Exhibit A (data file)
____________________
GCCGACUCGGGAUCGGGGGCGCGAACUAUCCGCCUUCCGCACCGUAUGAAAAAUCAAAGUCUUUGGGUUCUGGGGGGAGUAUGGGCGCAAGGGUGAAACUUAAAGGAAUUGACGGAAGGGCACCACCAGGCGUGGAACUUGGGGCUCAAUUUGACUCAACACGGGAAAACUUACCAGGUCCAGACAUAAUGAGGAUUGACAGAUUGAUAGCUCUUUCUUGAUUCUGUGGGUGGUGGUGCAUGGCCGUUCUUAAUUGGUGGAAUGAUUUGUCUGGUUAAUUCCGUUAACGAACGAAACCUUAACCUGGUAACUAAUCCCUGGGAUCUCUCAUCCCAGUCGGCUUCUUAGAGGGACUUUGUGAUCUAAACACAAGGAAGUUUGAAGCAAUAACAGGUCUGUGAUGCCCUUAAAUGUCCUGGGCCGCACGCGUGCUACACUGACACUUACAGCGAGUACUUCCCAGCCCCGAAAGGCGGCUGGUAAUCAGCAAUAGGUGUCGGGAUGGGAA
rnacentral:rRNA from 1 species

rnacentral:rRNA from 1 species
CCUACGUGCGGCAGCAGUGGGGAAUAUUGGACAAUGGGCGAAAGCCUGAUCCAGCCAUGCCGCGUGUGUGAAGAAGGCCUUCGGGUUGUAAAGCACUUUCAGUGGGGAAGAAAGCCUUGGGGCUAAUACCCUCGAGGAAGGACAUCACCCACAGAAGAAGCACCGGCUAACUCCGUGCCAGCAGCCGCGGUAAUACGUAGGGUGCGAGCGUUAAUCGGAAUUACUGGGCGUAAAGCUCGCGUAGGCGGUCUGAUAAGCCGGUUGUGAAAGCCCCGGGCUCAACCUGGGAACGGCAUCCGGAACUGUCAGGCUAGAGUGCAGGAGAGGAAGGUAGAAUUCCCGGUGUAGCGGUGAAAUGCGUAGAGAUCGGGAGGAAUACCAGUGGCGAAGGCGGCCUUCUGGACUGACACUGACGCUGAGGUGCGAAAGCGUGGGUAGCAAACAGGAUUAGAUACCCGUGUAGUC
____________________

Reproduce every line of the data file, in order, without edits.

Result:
GCCGACUCGGGAUCGGGGGCGCGAACUAUCCGCCUUCCGCACCGUAUGAAAAAUCAAAGUCUUUGGGUUCUGGGGGGAGUAUGGGCGCAAGGGUGAAACUUAAAGGAAUUGACGGAAGGGCACCACCAGGCGUGGAACUUGGGGCUCAAUUUGACUCAACACGGGAAAACUUACCAGGUCCAGACAUAAUGAGGAUUGACAGAUUGAUAGCUCUUUCUUGAUUCUGUGGGUGGUGGUGCAUGGCCGUUCUUAAUUGGUGGAAUGAUUUGUCUGGUUAAUUCCGUUAACGAACGAAACCUUAACCUGGUAACUAAUCCCUGGGAUCUCUCAUCCCAGUCGGCUUCUUAGAGGGACUUUGUGAUCUAAACACAAGGAAGUUUGAAGCAAUAACAGGUCUGUGAUGCCCUUAAAUGUCCUGGGCCGCACGCGUGCUACACUGACACUUACAGCGAGUACUUCCCAGCCCCGAAAGGCGGCUGGUAAUCAGCAAUAGGUGUCGGGAUGGGAA
rnacentral:rRNA from 1 species

rnacentral:rRNA from 1 species
CCUACGUGCGGCAGCAGUGGGGAAUAUUGGACAAUGGGCGAAAGCCUGAUCCAGCCAUGCCGCGUGUGUGAAGAAGGCCUUCGGGUUGUAAAGCACUUUCAGUGGGGAAGAAAGCCUUGGGGCUAAUACCCUCGAGGAAGGACAUCACCCACAGAAGAAGCACCGGCUAACUCCGUGCCAGCAGCCGCGGUAAUACGUAGGGUGCGAGCGUUAAUCGGAAUUACUGGGCGUAAAGCUCGCGUAGGCGGUCUGAUAAGCCGGUUGUGAAAGCCCCGGGCUCAACCUGGGAACGGCAUCCGGAACUGUCAGGCUAGAGUGCAGGAGAGGAAGGUAGAAUUCCCGGUGUAGCGGUGAAAUGCGUAGAGAUCGGGAGGAAUACCAGUGGCGAAGGCGGCCUUCUGGACUGACACUGACGCUGAGGUGCGAAAGCGUGGGUAGCAAACAGGAUUAGAUACCCGUGUAGUC